A Quest for Freedom

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By Madalena Silva, Brand & Creative Manager at Newmanity


It all started back in 1983. I was then eleven years away from becoming a living being, when Steve Roberts set off on a ‘computerized recumbent bicycle’ across America. Little did he know that he would become the first known digital nomad, or, as he described it back then, ‘someone living a technomadic lifestyle’.

Later in 1997, wifi was already a thing, and there were an estimated 20 to 30 million Internet users. I was then a dorky little three-year-old living on a small Portuguese Island, when Tsugio Makimoto and David Manners launched their book Digital Nomad, coming up with the actual definition for the very first time.

In the book, they predicted that technology, combined with human’s natural urge to travel, would change the working lives of the 21st century.

But the book didn’t reach a large audience, as most people at that time weren’t at all concerned about this distant-future-massive-social-economic-revolution.

Meanwhile in the early 2000’s, things started to pick up the pace: almost 360 million people became internet users; technological devices’ prices dropped considerably; wifi became mainstream across many countries; platforms like paypal and skype were launched; travel bloggers started receiving corporate sponsorship; Google AdSense went public; and finally... the awakening moment.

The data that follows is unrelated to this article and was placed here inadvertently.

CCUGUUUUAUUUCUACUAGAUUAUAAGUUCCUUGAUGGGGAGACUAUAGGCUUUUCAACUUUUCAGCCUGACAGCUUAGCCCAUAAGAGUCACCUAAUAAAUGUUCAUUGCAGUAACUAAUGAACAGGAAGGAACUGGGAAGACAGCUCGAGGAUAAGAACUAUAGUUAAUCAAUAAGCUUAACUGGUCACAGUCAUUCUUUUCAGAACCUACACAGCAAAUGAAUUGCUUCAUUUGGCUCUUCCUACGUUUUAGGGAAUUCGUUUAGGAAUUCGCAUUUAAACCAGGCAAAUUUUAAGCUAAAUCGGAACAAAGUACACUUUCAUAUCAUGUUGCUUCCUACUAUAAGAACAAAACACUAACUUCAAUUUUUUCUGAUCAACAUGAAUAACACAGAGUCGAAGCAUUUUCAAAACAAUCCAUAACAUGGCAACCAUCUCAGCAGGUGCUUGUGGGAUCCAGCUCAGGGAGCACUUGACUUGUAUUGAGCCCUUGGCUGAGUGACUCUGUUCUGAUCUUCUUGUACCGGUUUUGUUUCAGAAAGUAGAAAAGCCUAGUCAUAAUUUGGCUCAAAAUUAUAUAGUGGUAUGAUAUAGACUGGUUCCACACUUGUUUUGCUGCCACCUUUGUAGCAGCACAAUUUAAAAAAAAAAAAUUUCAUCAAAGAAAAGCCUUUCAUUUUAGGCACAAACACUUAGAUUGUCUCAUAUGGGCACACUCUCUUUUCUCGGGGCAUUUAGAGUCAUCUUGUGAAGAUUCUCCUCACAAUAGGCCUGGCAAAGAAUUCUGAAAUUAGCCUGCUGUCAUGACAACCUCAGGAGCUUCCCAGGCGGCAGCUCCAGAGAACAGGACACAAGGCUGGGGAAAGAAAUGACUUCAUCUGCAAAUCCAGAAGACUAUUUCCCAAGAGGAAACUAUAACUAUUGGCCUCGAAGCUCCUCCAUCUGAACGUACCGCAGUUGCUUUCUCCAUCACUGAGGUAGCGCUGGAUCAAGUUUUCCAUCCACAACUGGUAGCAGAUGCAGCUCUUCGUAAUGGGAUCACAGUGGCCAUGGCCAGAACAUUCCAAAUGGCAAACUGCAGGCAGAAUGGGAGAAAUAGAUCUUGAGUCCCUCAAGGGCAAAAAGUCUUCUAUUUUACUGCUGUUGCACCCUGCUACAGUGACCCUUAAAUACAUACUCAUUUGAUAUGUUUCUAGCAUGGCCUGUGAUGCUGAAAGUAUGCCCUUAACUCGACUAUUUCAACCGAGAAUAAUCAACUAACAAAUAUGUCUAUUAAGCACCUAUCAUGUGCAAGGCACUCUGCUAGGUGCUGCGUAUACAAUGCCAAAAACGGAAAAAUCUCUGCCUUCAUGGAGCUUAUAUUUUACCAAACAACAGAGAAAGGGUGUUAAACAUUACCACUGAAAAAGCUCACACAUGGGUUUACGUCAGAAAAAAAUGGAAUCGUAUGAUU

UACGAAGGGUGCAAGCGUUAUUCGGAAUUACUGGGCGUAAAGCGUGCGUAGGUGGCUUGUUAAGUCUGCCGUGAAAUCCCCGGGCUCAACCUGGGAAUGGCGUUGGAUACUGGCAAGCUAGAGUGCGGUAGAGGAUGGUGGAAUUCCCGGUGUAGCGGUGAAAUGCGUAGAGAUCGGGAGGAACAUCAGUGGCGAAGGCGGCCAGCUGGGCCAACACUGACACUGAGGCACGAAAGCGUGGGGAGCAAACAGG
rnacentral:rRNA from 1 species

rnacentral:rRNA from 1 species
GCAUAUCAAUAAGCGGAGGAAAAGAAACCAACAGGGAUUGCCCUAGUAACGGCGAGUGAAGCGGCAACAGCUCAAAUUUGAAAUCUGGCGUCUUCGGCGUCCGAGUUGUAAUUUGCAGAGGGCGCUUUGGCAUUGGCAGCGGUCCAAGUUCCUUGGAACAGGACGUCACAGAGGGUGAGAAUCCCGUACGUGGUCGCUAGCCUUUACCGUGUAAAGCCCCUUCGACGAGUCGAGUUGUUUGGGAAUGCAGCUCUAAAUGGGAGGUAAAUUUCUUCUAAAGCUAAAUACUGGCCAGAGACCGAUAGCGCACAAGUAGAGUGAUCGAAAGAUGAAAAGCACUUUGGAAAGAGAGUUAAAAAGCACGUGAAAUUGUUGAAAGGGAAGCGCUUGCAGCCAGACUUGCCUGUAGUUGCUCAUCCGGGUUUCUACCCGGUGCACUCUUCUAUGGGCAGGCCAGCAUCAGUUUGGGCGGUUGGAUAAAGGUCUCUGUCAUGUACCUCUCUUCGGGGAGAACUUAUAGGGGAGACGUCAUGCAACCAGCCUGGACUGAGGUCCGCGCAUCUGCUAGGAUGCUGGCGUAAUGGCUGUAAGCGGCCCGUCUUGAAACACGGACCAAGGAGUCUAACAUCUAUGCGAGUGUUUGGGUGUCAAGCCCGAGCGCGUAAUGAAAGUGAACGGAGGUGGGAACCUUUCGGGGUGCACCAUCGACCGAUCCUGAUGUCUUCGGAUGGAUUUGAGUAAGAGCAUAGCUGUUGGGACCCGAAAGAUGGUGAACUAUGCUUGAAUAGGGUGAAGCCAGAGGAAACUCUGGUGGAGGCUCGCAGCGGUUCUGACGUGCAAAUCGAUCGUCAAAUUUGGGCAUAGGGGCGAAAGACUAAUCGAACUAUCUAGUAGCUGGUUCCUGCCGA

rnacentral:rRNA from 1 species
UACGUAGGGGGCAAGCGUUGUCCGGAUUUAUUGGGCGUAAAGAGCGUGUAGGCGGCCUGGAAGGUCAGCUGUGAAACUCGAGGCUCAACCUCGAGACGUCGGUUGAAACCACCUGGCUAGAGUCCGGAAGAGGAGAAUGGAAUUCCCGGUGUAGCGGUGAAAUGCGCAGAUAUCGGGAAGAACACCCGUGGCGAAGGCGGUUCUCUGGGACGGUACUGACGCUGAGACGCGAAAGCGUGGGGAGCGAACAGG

I was then a not-too-troubled 13-year-old teenager, when New York Times best-selling author Timothy Ferriss revolutionized the whole ‘digital nomad’ topic, by publishing his book The 4-Hour Workweek. In the book, the author guides his readers on how to escape the 9-5, live anywhere, and join the new rich! It quickly became a Bestseller with well over a million copies sold worldwide, and inspiring a new generation of travelers to take their careers on the road!

Since then, a major shift in modern civilization has been happening.

Technology has evolved at an exponential rate, making our world ever more interconnected and accessible. Internet speed has improved, becoming more available in more places than ever. Businesses like Airbnb and Couchsurfing showed up, making accommodation a whole lot more affordable and interesting. Air travel costs have decreased, marriages as well, and consequently homeownership too - giving people more independence and flexibility. Remote-working hubs like Bali, Chiang Mai, and more recently, Lisbon have become super trendy - attracting loads of foreign workers thanks to either high quality of life or low costs of living. And hiring online platforms, like Upwork and Freelancer, made it possible to pair a worker with an employer, making everyone’s life a whole lot easier!

Fast-forward to 2018, and the term 'digital nomad' is no longer a shock – as a matter of fact, the World Economic Forum describes it as ‘one of the biggest drivers of transformation of business models’, and predictions show that by the year 2025, 40% of workers will be either freelancing or working remotely.